Brief history of Mostar, gleaned from google
In the 15C Mostar was a relatively small settlement with two towers around the bridge,. The name translates to the 'bridge keepers'. The historic town of Mostar developed in the 15th and 16th centuries as an Ottoman frontier town and during the short Austro-Hungarian period in the 19th and 20th centuries. Mostar has been long known for its old Turkish houses and the Old Bridge – Stari most, an extraordinary technological achievement of bridge construction. The historic part of Mostar is a result of interaction between the natural phenomena and human creativity throughout a long historical period. The essence of centuries-long cultural continuity is represented by the universal synthesis of life phenomena: the bridge and its fortresses – with the rich archeological layers from the pre-Ottoman period, religious edifices, residential zones (mahalas), arable lands, houses, bazaar, its public life in the streets and water. Architecture here presented a symbol of tolerance: a shared life of Muslims, Christians and Jews. Mosques, churches, and synagogues existed side-by-side indicating that in this region, the Roman Catholic Croats with their Western European culture, the Eastern Orthodox Serbs with their elements of Byzantine culture, and the Sephardic Jews continued to live together with the Bosniaks-Muslims for more than four centuries. A specific regional architecture was thus created.
In the 1990 conflict, however, most of the historic town and the Old Bridge, a masterpiece designed by the famous architect, mimar Hajruddin (according to the design of his master-teacher, great architect mimar Sinan), were destroyed. The Old Bridge was rebuilt in 2004 and many of the edifices in the Old Town were restored or rebuilt with the contribution of the international scientific committee established by UNESCO.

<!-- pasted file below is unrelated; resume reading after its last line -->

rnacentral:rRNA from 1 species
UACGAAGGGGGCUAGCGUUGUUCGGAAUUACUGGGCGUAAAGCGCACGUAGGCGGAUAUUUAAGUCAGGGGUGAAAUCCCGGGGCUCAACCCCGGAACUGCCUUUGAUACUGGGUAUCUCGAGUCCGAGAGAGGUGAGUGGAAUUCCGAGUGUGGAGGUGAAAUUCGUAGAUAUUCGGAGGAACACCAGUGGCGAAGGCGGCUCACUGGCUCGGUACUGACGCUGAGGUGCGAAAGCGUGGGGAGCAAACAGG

The Old Bridge Area, with its pre-Ottoman, Eastern Ottoman, Mediterranean and Western European architectural features, is an outstanding example of a multicultural urban settlement. The reconstructed Old Bridge and Old City of Mostar are symbols of reconciliation, international cooperation and the coexistence of diverse cultural, ethnic and religious communities.
By the end of the day i was overwhelmed with a feeling of sadness, on so many levels. The local Muslim museum shows some of the television footage we saw in the 90's. A grim reminder. Rebuilding the bridge is very symbolic of reconciliation. Dig a little deeper and you discover that education in the city is segregated. Muslims and Catholics going to school under the one roof, but there are two schools run quite separately behind the school gate.
And then there is Ruby.
I met this delightful young woman ten minutes before I had to leave and I was 11 minutes from the bus!! Nevertheless she represented the hope everyone has for the future of Mostar, aside from tourism of course. Ruby and her sister were born in an underground shelter. No medical assistance, no pain killers, no support. Her family left their farm and lived there for five years. She spent the first four years of her life living underground. When the war was over the whole family moved to Zagreb, mostly for the girls education. Ruby has chosen to come back to Mostar, renovate the family home, make the land productive again, finish her Masters in international relations. She wants to actively be a role model for reconciliation. She's a marvellous young woman and I'm so glad I met her, sorry I didn't have more time to talk with her. So there is HOPE.
Ruby keeps body body and soul together by guiding. Her company iHouse Travel, run day and half day tours such as- the death of Yugoslavia, -Top secret, Titos bunker, -MOSTAR shelters as well as cycling, rafting and winery tours. I should go back to Mostar . . .